7 Types of Super Bowl Commercials
The Super Bowl is one of the most-watched, if not THE most-watched events on television. It's more of a cause for celebration than many official holidays; people spend record amounts on coming together and having a good time during one of the most important competitions on the American sporting calendar. And it's not just Americans who get in on the act; the grand struggle between the opposing teams on the NFL heap draws viewers from around the world.
So it's not surprising that the Super Bowl commercial is starting to become something of an art form in and of itself. In fact, there's a whole category of Super Bowl watchers who couldn't care less about the sport, and only care about seeing the best that the commercial world has to offer (and flipping channels to watch the Puppy Bowl every chance they get). It's gotten to the point where people actually enjoy the commercials, instead of willing them to pass so that they can get back to the scheduled programming. This is truly an advertiser's dream come to life.
Despite the fact that innovation is rife in these commercials, advertising agencies still tend to stick to specific categories when writing them. After all, there are only so many tried-and-true ways to get the general football-watching public off of their sofas and into the stores - which is the be-all and end-all of any successful advertising strategy, after all. The following categories of commercial especially tend to inspire orgies of spending.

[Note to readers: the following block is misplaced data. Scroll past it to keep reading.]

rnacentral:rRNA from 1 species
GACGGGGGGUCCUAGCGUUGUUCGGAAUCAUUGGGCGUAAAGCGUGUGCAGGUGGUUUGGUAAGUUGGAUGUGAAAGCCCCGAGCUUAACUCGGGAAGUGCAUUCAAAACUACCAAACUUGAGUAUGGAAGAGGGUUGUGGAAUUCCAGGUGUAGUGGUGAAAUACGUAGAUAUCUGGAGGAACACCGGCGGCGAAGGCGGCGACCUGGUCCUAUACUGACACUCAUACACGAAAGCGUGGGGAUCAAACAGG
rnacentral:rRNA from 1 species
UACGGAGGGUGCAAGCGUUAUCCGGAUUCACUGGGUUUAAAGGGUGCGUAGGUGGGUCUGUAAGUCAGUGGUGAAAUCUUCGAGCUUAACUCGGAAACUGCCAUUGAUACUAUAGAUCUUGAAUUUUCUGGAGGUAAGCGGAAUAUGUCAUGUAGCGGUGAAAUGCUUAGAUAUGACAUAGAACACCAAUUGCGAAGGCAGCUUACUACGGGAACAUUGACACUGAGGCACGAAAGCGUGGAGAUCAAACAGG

It's not surprising that the main target audience for Super Bowl commercials is males who like to watch football. And we don't think it's a stretch to say that these same males like to watch sexy women being sexy. After all, why do you think cheerleaders exist? There's just something special about cutting from the footage of burly men beating each other to a pulp to women shaking what they've got, we guess.
The only problem with attempting to make a sexy commercial is that it seems surprisingly easy for advertisers to fail. Seriously, how hard can it be? GoDaddy fell into this category when they decided to cast Joan Rivers as a sexy model. We left watching that commercial with trembling uncertainty: was that her real 77 year-old body? It's not possible; there must have been some slick editing in there. Should we feel bad for finding her attractive? How do we know what to feel? This is a case in which a product has completely divorced the commercials from what they're actually trying to sell. We just don't know anything, anymore...
Another thing that tends to be enjoyed by the Super Bowl commercial target demographic (and, to be fair, a large portion of the world population) is slapstick humor. Anything where someone gets tackled, punched, kicked in the groin, knocked over by a log, slapped, or otherwise mauled in a funny way is fair game.
Slapstick is easy to overdo. It's actually surprisingly difficult to get people to genuinely enjoy the pain of others. That's why Snickers managed to hit a home run with their Betty White commercial. We all know that it's not really her getting tackled (it would have broken her impressively-aged bones to bits!); and so we're okay with the aggressive move. And the point of the commercial isn't that it's fun for people to get hurt; it's that if you don't properly fuel your body, you're more likely to get hurt, and no one wants that. It's a message that we can all get behind!